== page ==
August is a month for dads around the Salonen home. It’s the birthday month for both my husband and father. It’s also the month my husband’s and my parents celebrate their wedding anniversaries.
So this year, August brought a birthday and an anniversary in which the main honoree was absent. My Dad, having left this earth in January, was not with us for his birthday nor to celebrate his wedding anniversary with Mom.
In other words, Dad was on our minds a lot and we wanted to to honor him in a way that felt right.
I’ve shared in earlier posts how we honored Dad through a trip to his hometown, but not until after stopping at his grave site.
I touched his grave marker, which awaits a renovational headstone, but there was an emptiness about it. I knew his body was buried there, that the ground below was sacred, but I really didn’t feel Dad’s presence strongly there.
Until…I stopped and listened and began to hear…birds singing. He loved birds and their choruses put me right in touch with his heart.
Then I looked up at the sky and its interesting formations and to the hills beyond the cemetery, and I could feel Dad in a breeze that touched my cheek.
One of the first places we stopped after finding his childhood home was the local cemetery in New Rockford, N.D., where his parents and some siblings are buried.
The cemetery is divided in half — Catholics on one side and everyone else on the other. I’m assuming the Catholic parish owns that part of the land. The Beauclair name was fairly prominent in the index. A lot of my history lies here.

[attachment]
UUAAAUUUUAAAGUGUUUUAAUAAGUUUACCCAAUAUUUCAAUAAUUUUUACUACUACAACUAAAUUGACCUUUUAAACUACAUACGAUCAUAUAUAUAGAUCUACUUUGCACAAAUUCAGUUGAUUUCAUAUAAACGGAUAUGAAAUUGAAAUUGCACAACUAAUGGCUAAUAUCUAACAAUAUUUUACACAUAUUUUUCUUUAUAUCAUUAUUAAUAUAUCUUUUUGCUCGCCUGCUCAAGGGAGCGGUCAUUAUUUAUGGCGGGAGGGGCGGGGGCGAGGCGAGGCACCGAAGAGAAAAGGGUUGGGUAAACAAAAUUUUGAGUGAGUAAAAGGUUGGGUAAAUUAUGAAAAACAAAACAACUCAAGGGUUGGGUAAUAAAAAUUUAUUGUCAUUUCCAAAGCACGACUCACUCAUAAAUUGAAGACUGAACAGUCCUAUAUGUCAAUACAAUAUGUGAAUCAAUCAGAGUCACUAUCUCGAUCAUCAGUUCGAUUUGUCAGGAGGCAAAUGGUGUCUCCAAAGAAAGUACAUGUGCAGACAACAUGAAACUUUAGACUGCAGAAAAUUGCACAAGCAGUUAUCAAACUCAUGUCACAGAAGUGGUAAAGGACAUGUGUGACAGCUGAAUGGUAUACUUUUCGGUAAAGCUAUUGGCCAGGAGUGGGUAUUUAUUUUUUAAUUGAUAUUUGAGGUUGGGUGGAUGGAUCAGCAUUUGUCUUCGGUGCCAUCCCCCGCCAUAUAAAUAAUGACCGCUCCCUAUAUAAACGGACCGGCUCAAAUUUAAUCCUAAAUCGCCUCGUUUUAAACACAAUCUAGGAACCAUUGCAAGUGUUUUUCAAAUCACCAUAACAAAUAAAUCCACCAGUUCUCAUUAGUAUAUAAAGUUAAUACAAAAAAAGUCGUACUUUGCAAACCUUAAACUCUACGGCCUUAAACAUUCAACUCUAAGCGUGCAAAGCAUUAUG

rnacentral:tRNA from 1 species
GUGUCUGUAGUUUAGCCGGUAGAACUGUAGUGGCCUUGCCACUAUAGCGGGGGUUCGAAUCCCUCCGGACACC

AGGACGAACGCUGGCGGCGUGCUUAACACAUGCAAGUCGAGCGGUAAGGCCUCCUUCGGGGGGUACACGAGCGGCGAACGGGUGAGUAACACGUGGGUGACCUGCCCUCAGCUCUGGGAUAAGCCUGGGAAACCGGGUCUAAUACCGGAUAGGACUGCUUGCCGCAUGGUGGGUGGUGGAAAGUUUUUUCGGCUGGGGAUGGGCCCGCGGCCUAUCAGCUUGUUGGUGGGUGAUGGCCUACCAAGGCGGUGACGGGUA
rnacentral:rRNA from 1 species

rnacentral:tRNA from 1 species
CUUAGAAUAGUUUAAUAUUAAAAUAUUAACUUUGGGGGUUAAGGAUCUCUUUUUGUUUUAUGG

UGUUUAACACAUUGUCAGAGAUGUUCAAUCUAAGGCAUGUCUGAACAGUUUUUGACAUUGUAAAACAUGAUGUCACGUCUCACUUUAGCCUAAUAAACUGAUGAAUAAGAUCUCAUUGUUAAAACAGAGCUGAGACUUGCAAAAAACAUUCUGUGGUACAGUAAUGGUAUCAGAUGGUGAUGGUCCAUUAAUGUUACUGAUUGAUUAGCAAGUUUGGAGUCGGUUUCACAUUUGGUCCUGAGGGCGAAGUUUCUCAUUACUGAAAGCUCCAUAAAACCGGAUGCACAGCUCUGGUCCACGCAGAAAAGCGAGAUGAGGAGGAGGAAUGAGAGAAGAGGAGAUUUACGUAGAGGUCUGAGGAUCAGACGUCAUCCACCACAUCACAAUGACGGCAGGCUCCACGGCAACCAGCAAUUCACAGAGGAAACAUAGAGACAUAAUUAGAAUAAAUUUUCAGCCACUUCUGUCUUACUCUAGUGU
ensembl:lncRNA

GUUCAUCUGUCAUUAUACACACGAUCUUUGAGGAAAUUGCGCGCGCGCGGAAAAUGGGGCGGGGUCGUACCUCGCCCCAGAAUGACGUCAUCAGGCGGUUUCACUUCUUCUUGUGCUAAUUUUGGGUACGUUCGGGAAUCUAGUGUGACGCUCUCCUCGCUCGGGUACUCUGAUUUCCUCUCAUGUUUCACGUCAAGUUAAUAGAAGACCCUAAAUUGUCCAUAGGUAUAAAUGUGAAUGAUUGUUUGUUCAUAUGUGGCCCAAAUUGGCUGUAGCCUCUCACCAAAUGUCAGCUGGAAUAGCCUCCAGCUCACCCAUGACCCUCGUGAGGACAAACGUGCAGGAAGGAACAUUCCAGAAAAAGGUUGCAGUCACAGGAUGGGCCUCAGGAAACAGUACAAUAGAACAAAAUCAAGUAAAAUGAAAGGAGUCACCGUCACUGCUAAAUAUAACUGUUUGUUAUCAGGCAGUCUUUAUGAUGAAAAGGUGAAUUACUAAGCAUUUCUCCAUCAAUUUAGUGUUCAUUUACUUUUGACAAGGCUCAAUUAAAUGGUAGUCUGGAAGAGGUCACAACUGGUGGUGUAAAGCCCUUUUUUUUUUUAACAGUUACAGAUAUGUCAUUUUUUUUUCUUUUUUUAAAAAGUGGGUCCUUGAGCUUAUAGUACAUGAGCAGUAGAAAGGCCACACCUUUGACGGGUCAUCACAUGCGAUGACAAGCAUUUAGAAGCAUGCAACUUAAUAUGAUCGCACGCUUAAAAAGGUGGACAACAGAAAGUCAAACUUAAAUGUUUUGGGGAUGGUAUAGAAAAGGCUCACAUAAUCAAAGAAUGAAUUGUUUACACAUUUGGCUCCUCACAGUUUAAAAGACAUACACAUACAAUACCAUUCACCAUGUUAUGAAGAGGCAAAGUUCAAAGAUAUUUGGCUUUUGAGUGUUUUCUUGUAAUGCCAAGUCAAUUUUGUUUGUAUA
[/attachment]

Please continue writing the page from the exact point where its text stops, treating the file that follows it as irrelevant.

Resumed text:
It didn’t take us long to find the Beauclair plots. It was strange to me to think that some of Dad’s family is here while others are scattered throughout the region, depending on where they died. There were nine kids in all; two are with us still, the other six and their parents have passed.
The grandmother I never got to meet – she died when Dad was 19.
The grandfather who died when I was younger than my youngest (he’s in third grade, I was in second).
I’ve always found cemeteries fascinating, never a place to get spooked. Visiting there did bring me closer to the people who shared my blood, and without whom I would not be here, even though I never got to be an integral part of their lives. I am forever connected to them and I regard their places of rest.
I’m glad we went to these sacred spaces, but I have to be honest. Of all the stops we made on that journey, the very last place we visited, the James River where dad used to fish, and the little detour we took near New Salem, N.D., were where I felt Dad the most.
Oh yes, I can see why he loved this little spot.
As little girls, my sister Camille and I hiked with Dad in the Badlands of Northeastern, Mont. Dad was always so captivated by nature — the sounds, the sights, the smells. I was just a tired little girl looking for a drink of water, spooked by the thought of a nearby mountain lion or rattle snake.
But what Dad knew is if you could just make it up that one last hill, it would be entirely worth it.
Dad would have loved this last one. For some years he worked as a hired hand on various farms near our town. I can picture him in this pickup, eating the cold meatball rings I prepared for him the evenings before.
It really took Dad’s death for me to see the gift he offered by seeking sacredness in the open air. I might not have been as conscious about it in those early days, but even then I sensed something incredible, through my father’s affinity for the spaces he was moving through; something big and mighty and all-knowing.
And I realize I’ve been kidding myself these past years, thinking my obsession over sunsets and sunrises and clouds had something to do with me discovering, at last, that the sky was a magical, mystical place.
No, I only “discovered” that because Dad first taught me to look up and around, to pause long enough to inhale, to not miss the sacred space through which I was walking in my effort to get to the other side of it.
This is our first August without Dad, and yet, it’s the first August in a long time that I’ve felt him so close.
I didn’t leave a note at his grave, nor flowers or anything like that. Somehow I sensed I didn’t need to because, well, I’m pretty sure he knows now exactly how I feel.
The places where you find the things your loved one loved — those are the sacred spaces where mystery flourishes and peace of heart is possible.